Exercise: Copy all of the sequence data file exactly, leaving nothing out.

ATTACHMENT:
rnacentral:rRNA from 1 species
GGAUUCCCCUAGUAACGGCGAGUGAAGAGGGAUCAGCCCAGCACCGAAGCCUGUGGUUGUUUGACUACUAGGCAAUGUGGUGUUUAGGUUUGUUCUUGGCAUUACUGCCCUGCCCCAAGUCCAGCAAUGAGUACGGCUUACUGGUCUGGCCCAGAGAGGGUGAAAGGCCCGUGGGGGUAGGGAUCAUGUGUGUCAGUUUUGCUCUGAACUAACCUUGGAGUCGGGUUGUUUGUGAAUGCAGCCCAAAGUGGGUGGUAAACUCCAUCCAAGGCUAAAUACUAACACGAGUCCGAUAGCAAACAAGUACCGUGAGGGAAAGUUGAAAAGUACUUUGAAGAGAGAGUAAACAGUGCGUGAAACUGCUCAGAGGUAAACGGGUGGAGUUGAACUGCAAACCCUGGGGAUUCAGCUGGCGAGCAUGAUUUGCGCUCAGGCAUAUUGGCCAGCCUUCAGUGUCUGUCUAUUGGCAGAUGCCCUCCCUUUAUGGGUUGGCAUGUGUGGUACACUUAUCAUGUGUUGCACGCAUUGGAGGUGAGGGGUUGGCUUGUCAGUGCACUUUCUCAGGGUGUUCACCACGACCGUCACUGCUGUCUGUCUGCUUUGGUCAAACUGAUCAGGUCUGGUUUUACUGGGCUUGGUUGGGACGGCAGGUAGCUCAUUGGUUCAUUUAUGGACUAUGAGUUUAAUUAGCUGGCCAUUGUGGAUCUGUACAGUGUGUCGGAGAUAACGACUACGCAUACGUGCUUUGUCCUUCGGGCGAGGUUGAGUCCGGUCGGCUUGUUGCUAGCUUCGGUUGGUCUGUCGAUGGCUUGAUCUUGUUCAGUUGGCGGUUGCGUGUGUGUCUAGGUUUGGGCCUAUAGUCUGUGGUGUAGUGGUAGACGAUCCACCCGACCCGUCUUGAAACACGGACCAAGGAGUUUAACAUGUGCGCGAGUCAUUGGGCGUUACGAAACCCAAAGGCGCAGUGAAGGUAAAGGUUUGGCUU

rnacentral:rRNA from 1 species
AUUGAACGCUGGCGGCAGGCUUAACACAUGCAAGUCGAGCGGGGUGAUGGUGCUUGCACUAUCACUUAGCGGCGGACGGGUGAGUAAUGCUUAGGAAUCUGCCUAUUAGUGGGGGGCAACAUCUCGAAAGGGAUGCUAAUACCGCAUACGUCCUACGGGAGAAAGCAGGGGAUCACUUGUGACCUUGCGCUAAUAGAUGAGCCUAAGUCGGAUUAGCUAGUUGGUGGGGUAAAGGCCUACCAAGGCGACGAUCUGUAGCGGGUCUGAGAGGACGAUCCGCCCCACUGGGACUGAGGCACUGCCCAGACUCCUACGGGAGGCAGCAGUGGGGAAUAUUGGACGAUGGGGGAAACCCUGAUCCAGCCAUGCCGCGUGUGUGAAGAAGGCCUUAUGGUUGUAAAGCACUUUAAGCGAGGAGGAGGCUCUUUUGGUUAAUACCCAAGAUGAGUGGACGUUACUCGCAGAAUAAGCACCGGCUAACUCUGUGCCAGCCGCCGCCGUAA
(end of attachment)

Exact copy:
rnacentral:rRNA from 1 species
GGAUUCCCCUAGUAACGGCGAGUGAAGAGGGAUCAGCCCAGCACCGAAGCCUGUGGUUGUUUGACUACUAGGCAAUGUGGUGUUUAGGUUUGUUCUUGGCAUUACUGCCCUGCCCCAAGUCCAGCAAUGAGUACGGCUUACUGGUCUGGCCCAGAGAGGGUGAAAGGCCCGUGGGGGUAGGGAUCAUGUGUGUCAGUUUUGCUCUGAACUAACCUUGGAGUCGGGUUGUUUGUGAAUGCAGCCCAAAGUGGGUGGUAAACUCCAUCCAAGGCUAAAUACUAACACGAGUCCGAUAGCAAACAAGUACCGUGAGGGAAAGUUGAAAAGUACUUUGAAGAGAGAGUAAACAGUGCGUGAAACUGCUCAGAGGUAAACGGGUGGAGUUGAACUGCAAACCCUGGGGAUUCAGCUGGCGAGCAUGAUUUGCGCUCAGGCAUAUUGGCCAGCCUUCAGUGUCUGUCUAUUGGCAGAUGCCCUCCCUUUAUGGGUUGGCAUGUGUGGUACACUUAUCAUGUGUUGCACGCAUUGGAGGUGAGGGGUUGGCUUGUCAGUGCACUUUCUCAGGGUGUUCACCACGACCGUCACUGCUGUCUGUCUGCUUUGGUCAAACUGAUCAGGUCUGGUUUUACUGGGCUUGGUUGGGACGGCAGGUAGCUCAUUGGUUCAUUUAUGGACUAUGAGUUUAAUUAGCUGGCCAUUGUGGAUCUGUACAGUGUGUCGGAGAUAACGACUACGCAUACGUGCUUUGUCCUUCGGGCGAGGUUGAGUCCGGUCGGCUUGUUGCUAGCUUCGGUUGGUCUGUCGAUGGCUUGAUCUUGUUCAGUUGGCGGUUGCGUGUGUGUCUAGGUUUGGGCCUAUAGUCUGUGGUGUAGUGGUAGACGAUCCACCCGACCCGUCUUGAAACACGGACCAAGGAGUUUAACAUGUGCGCGAGUCAUUGGGCGUUACGAAACCCAAAGGCGCAGUGAAGGUAAAGGUUUGGCUU

rnacentral:rRNA from 1 species
AUUGAACGCUGGCGGCAGGCUUAACACAUGCAAGUCGAGCGGGGUGAUGGUGCUUGCACUAUCACUUAGCGGCGGACGGGUGAGUAAUGCUUAGGAAUCUGCCUAUUAGUGGGGGGCAACAUCUCGAAAGGGAUGCUAAUACCGCAUACGUCCUACGGGAGAAAGCAGGGGAUCACUUGUGACCUUGCGCUAAUAGAUGAGCCUAAGUCGGAUUAGCUAGUUGGUGGGGUAAAGGCCUACCAAGGCGACGAUCUGUAGCGGGUCUGAGAGGACGAUCCGCCCCACUGGGACUGAGGCACUGCCCAGACUCCUACGGGAGGCAGCAGUGGGGAAUAUUGGACGAUGGGGGAAACCCUGAUCCAGCCAUGCCGCGUGUGUGAAGAAGGCCUUAUGGUUGUAAAGCACUUUAAGCGAGGAGGAGGCUCUUUUGGUUAAUACCCAAGAUGAGUGGACGUUACUCGCAGAAUAAGCACCGGCUAACUCUGUGCCAGCCGCCGCCGUAA